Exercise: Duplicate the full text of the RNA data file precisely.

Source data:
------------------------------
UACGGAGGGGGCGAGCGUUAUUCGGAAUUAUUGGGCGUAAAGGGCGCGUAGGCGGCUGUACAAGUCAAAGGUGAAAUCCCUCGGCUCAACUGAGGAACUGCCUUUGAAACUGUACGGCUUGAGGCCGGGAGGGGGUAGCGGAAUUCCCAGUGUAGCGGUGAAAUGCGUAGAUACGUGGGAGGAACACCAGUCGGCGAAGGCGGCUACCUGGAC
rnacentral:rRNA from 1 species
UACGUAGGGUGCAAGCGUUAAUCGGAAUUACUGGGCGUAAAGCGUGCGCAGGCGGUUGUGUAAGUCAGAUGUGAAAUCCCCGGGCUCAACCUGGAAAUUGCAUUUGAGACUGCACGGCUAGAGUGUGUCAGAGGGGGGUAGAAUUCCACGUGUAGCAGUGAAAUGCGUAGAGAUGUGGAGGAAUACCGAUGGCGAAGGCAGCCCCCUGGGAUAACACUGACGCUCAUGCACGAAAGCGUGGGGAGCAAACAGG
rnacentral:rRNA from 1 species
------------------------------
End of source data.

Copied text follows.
UACGGAGGGGGCGAGCGUUAUUCGGAAUUAUUGGGCGUAAAGGGCGCGUAGGCGGCUGUACAAGUCAAAGGUGAAAUCCCUCGGCUCAACUGAGGAACUGCCUUUGAAACUGUACGGCUUGAGGCCGGGAGGGGGUAGCGGAAUUCCCAGUGUAGCGGUGAAAUGCGUAGAUACGUGGGAGGAACACCAGUCGGCGAAGGCGGCUACCUGGAC
rnacentral:rRNA from 1 species
UACGUAGGGUGCAAGCGUUAAUCGGAAUUACUGGGCGUAAAGCGUGCGCAGGCGGUUGUGUAAGUCAGAUGUGAAAUCCCCGGGCUCAACCUGGAAAUUGCAUUUGAGACUGCACGGCUAGAGUGUGUCAGAGGGGGGUAGAAUUCCACGUGUAGCAGUGAAAUGCGUAGAGAUGUGGAGGAAUACCGAUGGCGAAGGCAGCCCCCUGGGAUAACACUGACGCUCAUGCACGAAAGCGUGGGGAGCAAACAGG
rnacentral:rRNA from 1 species